My talk (20 min) had as title something like: Virtue of Necessity. Canary, sublime your company. You can find the slides (in Spanish) in my site or in my Slideshare account.

What was the talk about?

The natural growth path for a software company is creating a site, grow until it reaches a point in which, a second production site is needed. Meanwhile, departments like sales and technical support might grow distributed. As the company grows, the number of production sites grow  with it. The organization structure vary with the nature of the company, sometime production teams are replicated across different sites, sometimes different business units are divided per site and others a particular site host teams that take care of different products-(micro)services.

In general, if the company follows an “agile” approach, it will try to reduce the inter-sites communication needs by placing the team members together in a particular site. Based on my experience and how FOSS has been developed, depending on the market you are playing, turning your company into a distributed environment might be a smart move.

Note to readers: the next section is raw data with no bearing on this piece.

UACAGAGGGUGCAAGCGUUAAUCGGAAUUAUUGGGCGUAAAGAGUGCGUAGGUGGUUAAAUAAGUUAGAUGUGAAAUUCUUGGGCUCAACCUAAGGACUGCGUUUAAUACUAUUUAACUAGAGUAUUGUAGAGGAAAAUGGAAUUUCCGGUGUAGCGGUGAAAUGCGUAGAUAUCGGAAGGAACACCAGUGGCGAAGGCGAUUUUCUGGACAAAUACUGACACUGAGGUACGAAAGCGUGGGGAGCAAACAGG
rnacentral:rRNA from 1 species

Let’s start providing some context and definitions.

What do I mean by sublimation in this context?

Sublimation is a state change in which a substance transit from the solid state to the gas state without going through the liquid one.

What do I mean by a distributed environment?

In most agile literature, in fact in most software development management books, distributed environments are multi-site distribution. But in Open Source, we refer to a different environment. I have came out with the following (subjective) definition: